Personnel expenses represented the bulk of the costs. Forrester says the composite IBM i shop incurred $548,000 in integration and administration expenses over three years, which represented 1.5 FTEs dedicated to supporting IBM i at a “fully burdened” salary of $140,000 for each systems administrator.
All told, the shift to IBM i was beneficial for the composite company, with a return on investment (ROI) of just half a year, Forrester says in its report.
“The representative interviews and financial analysis found that a composite organization experiences benefits of $2.58 million over three years versus costs of $884,000, adding up to a net present value [NPV] of $1.69 million and an ROI of 191 percent with a payback period of less than six months,” Forrester says in the report.
There are also unquantified benefits of using the platform, Forrester found. For instance, the capability to “easily integrate in-house developed applications” is seen as a boon for IBM i users, it says. The scalability that results from using IBM software, including open source options, is another benefit that’s tough to put a number.
Protection against malware is a more tangible thing that most IBM i shops would be familiar with, even if it’s also something that is difficult for the bean counters to quantify. Forrester also cited “peace of mind about uptime” that comes from owning an IBM i server. (While we’re not ones to invalidate anybody’s feelings, the fact that Forrester had already quantified the cost of downtime makes this one a bit harder to accept.)
Some of the comments from the five IBM i professionals, which Forrester included in the report, are telling in that they reflect the sorts of capabilities that IBM i shops commonly experience.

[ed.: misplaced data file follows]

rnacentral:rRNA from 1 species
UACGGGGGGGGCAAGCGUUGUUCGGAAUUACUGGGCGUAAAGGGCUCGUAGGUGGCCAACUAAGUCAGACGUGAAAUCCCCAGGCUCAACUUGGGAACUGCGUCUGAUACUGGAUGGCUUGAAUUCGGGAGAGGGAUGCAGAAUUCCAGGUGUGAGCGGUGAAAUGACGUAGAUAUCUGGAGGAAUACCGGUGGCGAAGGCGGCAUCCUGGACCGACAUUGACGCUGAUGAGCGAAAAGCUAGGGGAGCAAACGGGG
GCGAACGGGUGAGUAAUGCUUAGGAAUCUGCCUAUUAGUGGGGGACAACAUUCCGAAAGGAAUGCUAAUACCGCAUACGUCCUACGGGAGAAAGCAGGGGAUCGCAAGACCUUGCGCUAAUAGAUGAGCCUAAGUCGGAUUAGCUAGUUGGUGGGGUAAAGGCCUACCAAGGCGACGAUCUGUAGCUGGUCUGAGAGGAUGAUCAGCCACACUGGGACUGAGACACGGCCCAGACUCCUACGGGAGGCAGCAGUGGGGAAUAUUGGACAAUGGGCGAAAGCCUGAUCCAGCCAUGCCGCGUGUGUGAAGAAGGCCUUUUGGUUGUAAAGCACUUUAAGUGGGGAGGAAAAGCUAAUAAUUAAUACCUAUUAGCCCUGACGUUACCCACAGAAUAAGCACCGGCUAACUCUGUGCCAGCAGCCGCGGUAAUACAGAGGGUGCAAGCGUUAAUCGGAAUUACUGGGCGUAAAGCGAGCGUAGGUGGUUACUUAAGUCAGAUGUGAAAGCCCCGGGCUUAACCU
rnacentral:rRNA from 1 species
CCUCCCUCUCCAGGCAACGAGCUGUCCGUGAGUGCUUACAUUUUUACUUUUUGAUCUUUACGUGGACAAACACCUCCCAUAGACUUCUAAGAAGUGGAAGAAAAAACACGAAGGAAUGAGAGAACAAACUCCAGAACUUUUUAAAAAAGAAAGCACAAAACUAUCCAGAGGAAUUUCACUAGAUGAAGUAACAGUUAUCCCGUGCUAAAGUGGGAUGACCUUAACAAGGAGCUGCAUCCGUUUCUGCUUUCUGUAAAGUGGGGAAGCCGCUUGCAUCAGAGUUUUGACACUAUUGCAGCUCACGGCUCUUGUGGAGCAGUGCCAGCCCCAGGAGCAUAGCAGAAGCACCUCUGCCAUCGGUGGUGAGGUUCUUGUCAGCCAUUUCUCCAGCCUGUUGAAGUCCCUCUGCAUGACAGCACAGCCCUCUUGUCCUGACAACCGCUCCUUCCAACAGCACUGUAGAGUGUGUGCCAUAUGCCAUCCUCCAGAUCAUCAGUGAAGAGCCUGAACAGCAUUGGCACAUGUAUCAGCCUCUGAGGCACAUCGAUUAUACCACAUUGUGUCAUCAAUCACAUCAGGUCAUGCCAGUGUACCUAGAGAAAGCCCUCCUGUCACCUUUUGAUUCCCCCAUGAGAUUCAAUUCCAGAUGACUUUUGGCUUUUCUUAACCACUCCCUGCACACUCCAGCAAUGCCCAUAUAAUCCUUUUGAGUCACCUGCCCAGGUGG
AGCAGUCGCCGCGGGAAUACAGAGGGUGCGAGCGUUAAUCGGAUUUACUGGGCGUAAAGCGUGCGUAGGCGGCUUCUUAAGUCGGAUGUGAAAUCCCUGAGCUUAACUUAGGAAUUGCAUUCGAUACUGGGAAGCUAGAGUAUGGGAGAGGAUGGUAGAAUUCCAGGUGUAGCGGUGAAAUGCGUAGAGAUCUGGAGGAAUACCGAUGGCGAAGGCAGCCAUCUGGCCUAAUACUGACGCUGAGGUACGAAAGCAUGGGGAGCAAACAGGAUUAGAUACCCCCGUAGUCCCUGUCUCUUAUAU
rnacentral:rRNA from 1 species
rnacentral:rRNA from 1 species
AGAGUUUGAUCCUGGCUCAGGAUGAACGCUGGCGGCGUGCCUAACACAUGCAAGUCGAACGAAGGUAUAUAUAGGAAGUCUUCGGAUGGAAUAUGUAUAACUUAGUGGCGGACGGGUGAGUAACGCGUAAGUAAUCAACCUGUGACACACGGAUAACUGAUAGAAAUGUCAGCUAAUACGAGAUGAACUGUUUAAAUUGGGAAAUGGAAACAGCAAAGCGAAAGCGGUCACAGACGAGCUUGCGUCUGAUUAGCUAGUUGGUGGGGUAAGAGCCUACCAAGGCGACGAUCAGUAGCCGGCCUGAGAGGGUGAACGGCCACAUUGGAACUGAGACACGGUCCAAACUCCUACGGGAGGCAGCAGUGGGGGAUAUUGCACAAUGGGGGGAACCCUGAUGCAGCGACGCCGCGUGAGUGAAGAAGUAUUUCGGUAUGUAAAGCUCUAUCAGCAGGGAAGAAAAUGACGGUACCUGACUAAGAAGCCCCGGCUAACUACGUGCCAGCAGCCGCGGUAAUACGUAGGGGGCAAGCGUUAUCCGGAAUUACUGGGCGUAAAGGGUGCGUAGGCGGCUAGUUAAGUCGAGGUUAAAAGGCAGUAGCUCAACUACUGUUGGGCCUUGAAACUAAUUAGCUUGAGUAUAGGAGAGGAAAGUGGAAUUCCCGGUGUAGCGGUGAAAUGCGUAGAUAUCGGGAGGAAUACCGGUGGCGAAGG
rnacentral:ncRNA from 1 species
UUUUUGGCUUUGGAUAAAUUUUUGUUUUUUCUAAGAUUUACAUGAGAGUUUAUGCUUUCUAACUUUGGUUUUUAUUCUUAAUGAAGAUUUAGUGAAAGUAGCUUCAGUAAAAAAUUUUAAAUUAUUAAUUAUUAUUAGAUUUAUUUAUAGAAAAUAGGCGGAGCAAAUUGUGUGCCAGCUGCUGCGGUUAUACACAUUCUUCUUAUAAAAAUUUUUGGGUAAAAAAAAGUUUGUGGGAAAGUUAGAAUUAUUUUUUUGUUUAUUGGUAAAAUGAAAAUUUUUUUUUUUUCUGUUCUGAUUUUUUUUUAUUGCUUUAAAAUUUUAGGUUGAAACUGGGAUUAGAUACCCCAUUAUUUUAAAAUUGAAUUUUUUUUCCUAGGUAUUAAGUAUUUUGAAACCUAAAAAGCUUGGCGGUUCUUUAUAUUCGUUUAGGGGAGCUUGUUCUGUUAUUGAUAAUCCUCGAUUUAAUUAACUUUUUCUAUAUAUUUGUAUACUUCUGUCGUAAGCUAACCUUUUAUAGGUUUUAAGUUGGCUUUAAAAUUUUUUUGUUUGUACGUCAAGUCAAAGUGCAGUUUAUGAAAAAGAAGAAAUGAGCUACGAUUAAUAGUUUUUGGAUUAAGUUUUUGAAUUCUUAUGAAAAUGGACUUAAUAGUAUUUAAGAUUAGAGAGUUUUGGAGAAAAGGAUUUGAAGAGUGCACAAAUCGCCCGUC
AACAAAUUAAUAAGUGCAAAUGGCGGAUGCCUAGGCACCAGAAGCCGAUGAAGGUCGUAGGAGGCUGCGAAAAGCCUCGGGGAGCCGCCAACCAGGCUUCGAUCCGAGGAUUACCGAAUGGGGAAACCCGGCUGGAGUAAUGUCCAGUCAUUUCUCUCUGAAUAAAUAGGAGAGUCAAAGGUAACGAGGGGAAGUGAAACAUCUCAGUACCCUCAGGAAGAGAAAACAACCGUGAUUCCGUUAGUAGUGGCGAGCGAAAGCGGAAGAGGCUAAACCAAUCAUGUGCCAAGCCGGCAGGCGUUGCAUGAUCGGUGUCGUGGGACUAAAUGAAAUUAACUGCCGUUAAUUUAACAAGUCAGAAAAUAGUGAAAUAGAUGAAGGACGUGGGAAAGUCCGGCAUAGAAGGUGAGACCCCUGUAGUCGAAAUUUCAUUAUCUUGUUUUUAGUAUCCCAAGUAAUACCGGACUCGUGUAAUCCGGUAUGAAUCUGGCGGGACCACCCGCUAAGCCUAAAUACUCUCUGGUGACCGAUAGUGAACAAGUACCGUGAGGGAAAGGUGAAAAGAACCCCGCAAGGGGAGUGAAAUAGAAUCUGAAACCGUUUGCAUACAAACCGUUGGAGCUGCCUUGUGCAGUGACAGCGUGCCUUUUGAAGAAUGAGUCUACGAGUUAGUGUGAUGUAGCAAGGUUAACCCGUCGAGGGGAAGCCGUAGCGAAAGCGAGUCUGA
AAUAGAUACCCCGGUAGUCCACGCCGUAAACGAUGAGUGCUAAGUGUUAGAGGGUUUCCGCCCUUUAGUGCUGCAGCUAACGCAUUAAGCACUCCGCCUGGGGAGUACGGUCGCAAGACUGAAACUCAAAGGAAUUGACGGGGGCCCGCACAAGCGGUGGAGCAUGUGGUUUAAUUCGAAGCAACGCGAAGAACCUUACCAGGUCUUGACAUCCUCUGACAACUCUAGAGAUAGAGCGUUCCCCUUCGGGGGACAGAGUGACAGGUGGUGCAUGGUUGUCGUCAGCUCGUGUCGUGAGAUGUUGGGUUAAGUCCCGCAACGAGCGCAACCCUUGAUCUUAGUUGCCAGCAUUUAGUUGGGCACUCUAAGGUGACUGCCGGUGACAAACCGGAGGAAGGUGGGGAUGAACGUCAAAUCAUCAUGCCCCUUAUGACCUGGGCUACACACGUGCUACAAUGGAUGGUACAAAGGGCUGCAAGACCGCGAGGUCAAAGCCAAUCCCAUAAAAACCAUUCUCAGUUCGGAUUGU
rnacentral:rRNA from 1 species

“With everything that IBM i is doing, there really isn’t anything you can’t do anymore,” says the senior programmer/analyst at the sign and display manufacturer, which has $250 million in revenues and 850 employees. “You can do AI, run your data warehouse rewrite your RPG applications, and more.”
“IBM i is running the whole business,” said the director of information technology at the healthcare product manufacturing company, which has $9 million in annual revenues at 70 employees. “I think that’s pretty incredible that you’re able to run your whole business from one box like that. That’s simply amazing to me.”
“The fact that I can manage the IBM i with a smaller number of people. That’s great,” said the software architect for a financial services firm, which has revenues of $4.4 billion and 8,300 employees. “That’s a tangible benefit.”
“IBM i is always up,” said the director of information technology for the healthcare product manufacturing company. “In December, we migrated from a Power8 to a Power10 – our downtime was one hour.”
In the end, the Forrester TEI report helps to validate what IBM i customers already know about the platform. Hopefully IBM can get it into the hands of decision-makers who are looking to make a change in their business platform, whether that’s possibly moving off the IBM i platform or moving off another platform. It’s when these decisions are made that opinions can be swayed with these sorts of analyses and testimonials.